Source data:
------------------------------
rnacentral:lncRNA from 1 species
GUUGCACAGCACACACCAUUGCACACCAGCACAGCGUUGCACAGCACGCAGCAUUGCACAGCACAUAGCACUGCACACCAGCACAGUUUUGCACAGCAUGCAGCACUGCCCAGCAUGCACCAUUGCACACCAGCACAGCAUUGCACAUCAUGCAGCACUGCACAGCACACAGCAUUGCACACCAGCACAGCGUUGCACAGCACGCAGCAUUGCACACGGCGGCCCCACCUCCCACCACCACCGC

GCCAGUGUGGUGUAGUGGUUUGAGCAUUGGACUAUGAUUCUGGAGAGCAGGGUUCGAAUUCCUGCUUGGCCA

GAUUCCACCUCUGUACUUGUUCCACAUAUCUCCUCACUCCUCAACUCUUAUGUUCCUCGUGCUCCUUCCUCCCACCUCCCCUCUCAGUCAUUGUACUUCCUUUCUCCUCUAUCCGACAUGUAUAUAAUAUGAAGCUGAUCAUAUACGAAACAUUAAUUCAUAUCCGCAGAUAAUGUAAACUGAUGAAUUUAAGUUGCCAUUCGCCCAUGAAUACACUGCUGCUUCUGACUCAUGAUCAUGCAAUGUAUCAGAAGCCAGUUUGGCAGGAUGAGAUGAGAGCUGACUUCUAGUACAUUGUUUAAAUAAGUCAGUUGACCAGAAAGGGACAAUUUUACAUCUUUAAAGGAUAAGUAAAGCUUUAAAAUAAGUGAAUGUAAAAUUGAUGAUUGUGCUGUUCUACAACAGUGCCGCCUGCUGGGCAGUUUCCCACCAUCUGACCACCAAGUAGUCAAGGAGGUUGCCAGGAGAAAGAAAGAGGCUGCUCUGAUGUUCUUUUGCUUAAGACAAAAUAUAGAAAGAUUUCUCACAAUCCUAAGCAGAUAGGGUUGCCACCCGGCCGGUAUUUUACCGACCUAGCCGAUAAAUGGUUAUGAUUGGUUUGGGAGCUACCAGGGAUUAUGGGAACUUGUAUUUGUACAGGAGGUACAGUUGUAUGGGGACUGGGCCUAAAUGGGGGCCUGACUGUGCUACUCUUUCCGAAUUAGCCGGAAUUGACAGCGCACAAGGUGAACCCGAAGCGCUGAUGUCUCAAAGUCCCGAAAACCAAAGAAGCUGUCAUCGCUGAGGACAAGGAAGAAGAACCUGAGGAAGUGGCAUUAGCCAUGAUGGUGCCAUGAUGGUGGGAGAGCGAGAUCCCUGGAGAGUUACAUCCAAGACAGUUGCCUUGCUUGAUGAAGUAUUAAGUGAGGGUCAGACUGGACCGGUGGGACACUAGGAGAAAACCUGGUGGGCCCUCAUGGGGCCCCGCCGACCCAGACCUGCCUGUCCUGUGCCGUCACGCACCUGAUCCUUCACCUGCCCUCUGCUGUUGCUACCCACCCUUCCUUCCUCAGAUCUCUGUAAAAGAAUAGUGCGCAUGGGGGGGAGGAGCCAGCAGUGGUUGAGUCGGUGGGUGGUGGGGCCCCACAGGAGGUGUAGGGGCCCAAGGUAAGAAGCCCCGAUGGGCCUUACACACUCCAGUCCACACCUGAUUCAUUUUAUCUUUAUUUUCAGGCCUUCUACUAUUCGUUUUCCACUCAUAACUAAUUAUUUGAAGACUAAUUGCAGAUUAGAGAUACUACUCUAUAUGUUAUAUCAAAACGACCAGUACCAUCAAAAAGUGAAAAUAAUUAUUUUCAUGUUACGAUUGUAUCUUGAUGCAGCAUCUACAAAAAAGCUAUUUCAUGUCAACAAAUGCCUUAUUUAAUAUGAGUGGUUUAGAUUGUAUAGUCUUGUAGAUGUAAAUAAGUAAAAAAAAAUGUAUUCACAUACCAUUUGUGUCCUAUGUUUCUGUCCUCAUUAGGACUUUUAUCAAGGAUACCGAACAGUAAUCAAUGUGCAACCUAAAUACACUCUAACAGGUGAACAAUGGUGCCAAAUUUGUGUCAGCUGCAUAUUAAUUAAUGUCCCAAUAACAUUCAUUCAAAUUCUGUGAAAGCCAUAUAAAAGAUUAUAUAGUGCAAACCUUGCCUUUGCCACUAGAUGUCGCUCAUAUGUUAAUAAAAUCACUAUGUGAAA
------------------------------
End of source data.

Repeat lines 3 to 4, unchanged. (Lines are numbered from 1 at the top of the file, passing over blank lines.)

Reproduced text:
GCCAGUGUGGUGUAGUGGUUUGAGCAUUGGACUAUGAUUCUGGAGAGCAGGGUUCGAAUUCCUGCUUGGCCA

GAUUCCACCUCUGUACUUGUUCCACAUAUCUCCUCACUCCUCAACUCUUAUGUUCCUCGUGCUCCUUCCUCCCACCUCCCCUCUCAGUCAUUGUACUUCCUUUCUCCUCUAUCCGACAUGUAUAUAAUAUGAAGCUGAUCAUAUACGAAACAUUAAUUCAUAUCCGCAGAUAAUGUAAACUGAUGAAUUUAAGUUGCCAUUCGCCCAUGAAUACACUGCUGCUUCUGACUCAUGAUCAUGCAAUGUAUCAGAAGCCAGUUUGGCAGGAUGAGAUGAGAGCUGACUUCUAGUACAUUGUUUAAAUAAGUCAGUUGACCAGAAAGGGACAAUUUUACAUCUUUAAAGGAUAAGUAAAGCUUUAAAAUAAGUGAAUGUAAAAUUGAUGAUUGUGCUGUUCUACAACAGUGCCGCCUGCUGGGCAGUUUCCCACCAUCUGACCACCAAGUAGUCAAGGAGGUUGCCAGGAGAAAGAAAGAGGCUGCUCUGAUGUUCUUUUGCUUAAGACAAAAUAUAGAAAGAUUUCUCACAAUCCUAAGCAGAUAGGGUUGCCACCCGGCCGGUAUUUUACCGACCUAGCCGAUAAAUGGUUAUGAUUGGUUUGGGAGCUACCAGGGAUUAUGGGAACUUGUAUUUGUACAGGAGGUACAGUUGUAUGGGGACUGGGCCUAAAUGGGGGCCUGACUGUGCUACUCUUUCCGAAUUAGCCGGAAUUGACAGCGCACAAGGUGAACCCGAAGCGCUGAUGUCUCAAAGUCCCGAAAACCAAAGAAGCUGUCAUCGCUGAGGACAAGGAAGAAGAACCUGAGGAAGUGGCAUUAGCCAUGAUGGUGCCAUGAUGGUGGGAGAGCGAGAUCCCUGGAGAGUUACAUCCAAGACAGUUGCCUUGCUUGAUGAAGUAUUAAGUGAGGGUCAGACUGGACCGGUGGGACACUAGGAGAAAACCUGGUGGGCCCUCAUGGGGCCCCGCCGACCCAGACCUGCCUGUCCUGUGCCGUCACGCACCUGAUCCUUCACCUGCCCUCUGCUGUUGCUACCCACCCUUCCUUCCUCAGAUCUCUGUAAAAGAAUAGUGCGCAUGGGGGGGAGGAGCCAGCAGUGGUUGAGUCGGUGGGUGGUGGGGCCCCACAGGAGGUGUAGGGGCCCAAGGUAAGAAGCCCCGAUGGGCCUUACACACUCCAGUCCACACCUGAUUCAUUUUAUCUUUAUUUUCAGGCCUUCUACUAUUCGUUUUCCACUCAUAACUAAUUAUUUGAAGACUAAUUGCAGAUUAGAGAUACUACUCUAUAUGUUAUAUCAAAACGACCAGUACCAUCAAAAAGUGAAAAUAAUUAUUUUCAUGUUACGAUUGUAUCUUGAUGCAGCAUCUACAAAAAAGCUAUUUCAUGUCAACAAAUGCCUUAUUUAAUAUGAGUGGUUUAGAUUGUAUAGUCUUGUAGAUGUAAAUAAGUAAAAAAAAAUGUAUUCACAUACCAUUUGUGUCCUAUGUUUCUGUCCUCAUUAGGACUUUUAUCAAGGAUACCGAACAGUAAUCAAUGUGCAACCUAAAUACACUCUAACAGGUGAACAAUGGUGCCAAAUUUGUGUCAGCUGCAUAUUAAUUAAUGUCCCAAUAACAUUCAUUCAAAUUCUGUGAAAGCCAUAUAAAAGAUUAUAUAGUGCAAACCUUGCCUUUGCCACUAGAUGUCGCUCAUAUGUUAAUAAAAUCACUAUGUGAAA